A series of initiatives are under way at SAP with the goal of bringing its business applications much closer to the ease of use and eye-catching visuals provided by consumer applications, particularly ones made amid the boom in mobile computing.
Enterprise applications have never been too pretty to look at and this has persisted despite the fact that some categories have decades of maturity. There's a good reason for this, said Sam Yen, SAP's global head of design and user experience, in an interview at the Tech Ed conference in Las Vegas this week.
"In the beginning it was always about feature-functionality," he said. Customers would solicit bids from a number of vendors, all of whom would attempt to meet every check on the customer's functional wish list. "Companies were incentivized to provide the most capabilities."
But this resulted in bloated applications with a complex user experience.
SAP has been rolling out a number of consumer-themed applications with a mobile sensibility, including a new photo-sharing application that was showcased at Tech Ed this week. These products are the work of a startup-like venture within SAP called App Haus, which Yen has led.
The mobile wave has forced a "complete 180-degree shift," in how applications are being built, Yen said. "It's not about building as much functionality. It's about choosing functionality that you want to leave out."
Mobile devices' smaller screens force this since there's less real estate to display the application, he said. "You don't want tons and tons of functionality on a small screen."
It's also time now for enterprise vendors to closely consider each type of user and their job responsibilities, Yen said. "The most important thing to think is that your software is not the center of the world."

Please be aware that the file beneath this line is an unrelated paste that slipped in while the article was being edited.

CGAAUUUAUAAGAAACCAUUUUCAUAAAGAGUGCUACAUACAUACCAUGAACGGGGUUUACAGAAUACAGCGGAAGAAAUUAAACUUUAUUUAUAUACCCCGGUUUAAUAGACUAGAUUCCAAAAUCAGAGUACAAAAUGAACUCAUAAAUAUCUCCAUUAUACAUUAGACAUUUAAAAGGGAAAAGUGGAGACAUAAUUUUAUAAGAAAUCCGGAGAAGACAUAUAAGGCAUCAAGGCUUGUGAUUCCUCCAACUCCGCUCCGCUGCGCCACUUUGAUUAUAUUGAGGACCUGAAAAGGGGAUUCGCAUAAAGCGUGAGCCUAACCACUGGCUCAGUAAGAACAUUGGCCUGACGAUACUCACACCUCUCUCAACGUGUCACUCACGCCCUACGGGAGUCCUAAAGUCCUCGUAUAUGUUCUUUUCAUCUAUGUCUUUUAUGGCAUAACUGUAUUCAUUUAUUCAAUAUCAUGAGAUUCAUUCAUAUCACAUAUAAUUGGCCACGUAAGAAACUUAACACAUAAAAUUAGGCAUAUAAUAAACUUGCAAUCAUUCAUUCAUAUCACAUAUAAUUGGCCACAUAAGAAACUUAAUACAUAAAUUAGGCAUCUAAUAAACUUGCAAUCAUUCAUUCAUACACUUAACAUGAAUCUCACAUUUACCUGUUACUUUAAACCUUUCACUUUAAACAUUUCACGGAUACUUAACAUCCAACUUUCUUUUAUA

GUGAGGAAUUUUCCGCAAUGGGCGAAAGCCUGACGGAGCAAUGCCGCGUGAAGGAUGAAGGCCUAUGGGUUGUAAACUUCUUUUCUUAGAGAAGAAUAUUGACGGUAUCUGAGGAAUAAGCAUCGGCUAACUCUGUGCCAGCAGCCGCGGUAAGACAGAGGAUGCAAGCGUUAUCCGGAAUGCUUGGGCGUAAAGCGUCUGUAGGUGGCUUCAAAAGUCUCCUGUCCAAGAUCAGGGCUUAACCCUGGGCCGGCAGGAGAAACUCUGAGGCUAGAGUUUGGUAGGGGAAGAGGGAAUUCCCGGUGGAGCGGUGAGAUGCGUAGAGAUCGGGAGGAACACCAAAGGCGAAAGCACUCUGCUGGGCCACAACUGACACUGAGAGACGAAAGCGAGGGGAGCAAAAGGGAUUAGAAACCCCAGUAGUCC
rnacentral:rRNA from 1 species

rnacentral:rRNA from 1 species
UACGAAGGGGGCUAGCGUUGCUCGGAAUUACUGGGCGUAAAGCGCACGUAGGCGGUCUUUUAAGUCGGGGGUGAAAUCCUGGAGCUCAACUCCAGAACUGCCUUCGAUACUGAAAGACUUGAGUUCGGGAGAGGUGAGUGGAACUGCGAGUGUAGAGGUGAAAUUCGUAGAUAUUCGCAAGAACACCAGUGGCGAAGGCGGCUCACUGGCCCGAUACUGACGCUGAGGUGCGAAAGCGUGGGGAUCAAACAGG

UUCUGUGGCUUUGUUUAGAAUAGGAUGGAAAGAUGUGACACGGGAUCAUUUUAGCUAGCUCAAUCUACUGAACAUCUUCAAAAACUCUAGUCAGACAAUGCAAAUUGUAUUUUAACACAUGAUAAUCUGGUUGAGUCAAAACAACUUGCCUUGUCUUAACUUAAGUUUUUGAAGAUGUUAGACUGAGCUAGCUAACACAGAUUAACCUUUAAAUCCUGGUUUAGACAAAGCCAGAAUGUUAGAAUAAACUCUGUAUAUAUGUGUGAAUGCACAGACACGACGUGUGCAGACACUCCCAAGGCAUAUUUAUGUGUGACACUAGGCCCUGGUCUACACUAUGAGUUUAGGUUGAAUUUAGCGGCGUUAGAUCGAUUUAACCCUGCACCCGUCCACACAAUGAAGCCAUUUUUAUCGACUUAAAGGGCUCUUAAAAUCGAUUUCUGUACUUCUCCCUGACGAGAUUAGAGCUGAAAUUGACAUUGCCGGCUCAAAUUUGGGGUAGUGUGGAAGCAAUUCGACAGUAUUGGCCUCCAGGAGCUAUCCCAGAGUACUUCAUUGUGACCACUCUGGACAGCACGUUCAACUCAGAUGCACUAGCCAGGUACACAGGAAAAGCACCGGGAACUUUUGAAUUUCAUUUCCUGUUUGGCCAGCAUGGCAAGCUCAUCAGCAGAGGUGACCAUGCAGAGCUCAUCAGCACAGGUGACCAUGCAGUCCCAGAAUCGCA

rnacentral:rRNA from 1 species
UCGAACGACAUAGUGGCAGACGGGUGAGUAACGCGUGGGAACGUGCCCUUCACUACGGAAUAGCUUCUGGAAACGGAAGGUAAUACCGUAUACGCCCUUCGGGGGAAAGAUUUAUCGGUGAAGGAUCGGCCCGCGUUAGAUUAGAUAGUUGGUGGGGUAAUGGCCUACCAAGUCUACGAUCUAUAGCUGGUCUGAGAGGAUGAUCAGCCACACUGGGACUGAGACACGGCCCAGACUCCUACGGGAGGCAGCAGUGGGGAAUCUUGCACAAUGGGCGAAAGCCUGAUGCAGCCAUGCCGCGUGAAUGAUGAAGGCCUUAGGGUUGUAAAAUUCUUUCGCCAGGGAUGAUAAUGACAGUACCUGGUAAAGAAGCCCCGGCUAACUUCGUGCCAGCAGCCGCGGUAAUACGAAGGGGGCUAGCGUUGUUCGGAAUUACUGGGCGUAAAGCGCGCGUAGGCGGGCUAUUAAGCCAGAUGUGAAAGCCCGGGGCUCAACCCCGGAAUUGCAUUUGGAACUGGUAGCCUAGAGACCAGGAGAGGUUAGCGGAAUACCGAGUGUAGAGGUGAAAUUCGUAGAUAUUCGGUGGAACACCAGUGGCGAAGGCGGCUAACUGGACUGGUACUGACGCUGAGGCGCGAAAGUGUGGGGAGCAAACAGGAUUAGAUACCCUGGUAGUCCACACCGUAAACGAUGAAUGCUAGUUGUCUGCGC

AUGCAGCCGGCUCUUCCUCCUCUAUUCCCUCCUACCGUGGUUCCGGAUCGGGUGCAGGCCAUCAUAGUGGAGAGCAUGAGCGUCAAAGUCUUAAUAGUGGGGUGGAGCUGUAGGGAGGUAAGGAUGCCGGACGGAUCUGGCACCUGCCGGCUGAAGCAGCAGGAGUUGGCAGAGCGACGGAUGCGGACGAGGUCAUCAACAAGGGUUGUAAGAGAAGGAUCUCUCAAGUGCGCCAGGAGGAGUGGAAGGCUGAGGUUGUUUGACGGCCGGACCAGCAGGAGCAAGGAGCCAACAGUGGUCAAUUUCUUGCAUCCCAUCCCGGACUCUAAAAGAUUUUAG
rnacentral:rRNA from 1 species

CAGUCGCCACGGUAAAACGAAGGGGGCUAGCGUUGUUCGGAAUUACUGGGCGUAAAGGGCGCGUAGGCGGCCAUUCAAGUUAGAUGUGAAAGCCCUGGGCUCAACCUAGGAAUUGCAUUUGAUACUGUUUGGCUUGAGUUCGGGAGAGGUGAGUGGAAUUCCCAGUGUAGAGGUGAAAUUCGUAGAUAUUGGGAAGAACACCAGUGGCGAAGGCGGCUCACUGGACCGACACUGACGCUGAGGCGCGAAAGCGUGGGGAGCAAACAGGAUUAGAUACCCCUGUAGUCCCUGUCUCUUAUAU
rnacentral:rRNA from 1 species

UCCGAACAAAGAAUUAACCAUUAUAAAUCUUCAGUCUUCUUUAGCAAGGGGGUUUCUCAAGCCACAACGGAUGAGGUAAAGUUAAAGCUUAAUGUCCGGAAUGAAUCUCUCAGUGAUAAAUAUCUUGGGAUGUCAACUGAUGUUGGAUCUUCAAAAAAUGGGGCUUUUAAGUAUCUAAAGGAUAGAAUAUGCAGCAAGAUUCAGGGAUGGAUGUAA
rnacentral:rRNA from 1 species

In other words, end users generally do a lot more things during their day than interact with a specific application, a fact that makes usability an even more crucial trait, according to Yen.
SAP has for some time incorporated the "design thinking" concept popularized by Stanford University professor David Kelley. In practical terms for SAP, this means that developers are creating many small prototypes and iterations of an application, and involving users in testing early on. "The worst mistake you can make is to wait until the end," Yen said.
The vendor is also trying to give customers tools that make it easier to build user-friendly applications as well as freshen up existing ones.
At Tech Ed, Yen demonstrated a new product, AppDesigner that allows users to quickly create simple applications in a drag-and-drop manner. It's being used internally but there's no date yet for a release to customers and partners, he said.
Another new offering, called Screen Personas, enables users to rejigger and add some zip to their traditional SAP GUI, such as by getting rid of fields they don't necessarily need for their day-to-day jobs and adding colorful background images.
Screen Personas doesn't force customers to undergo an enhancement pack upgrade, instead connecting to the SAP kernel, Yen said.
It will be available this year as a "repeatable custom solution," but SAP is also planning to standardize it as a product to be released sometime next year, he said.
Chris Kanaracus covers enterprise software and general technology breaking news for The IDG News Service. Chris' email address is Chris_Kanaracus@idg.com
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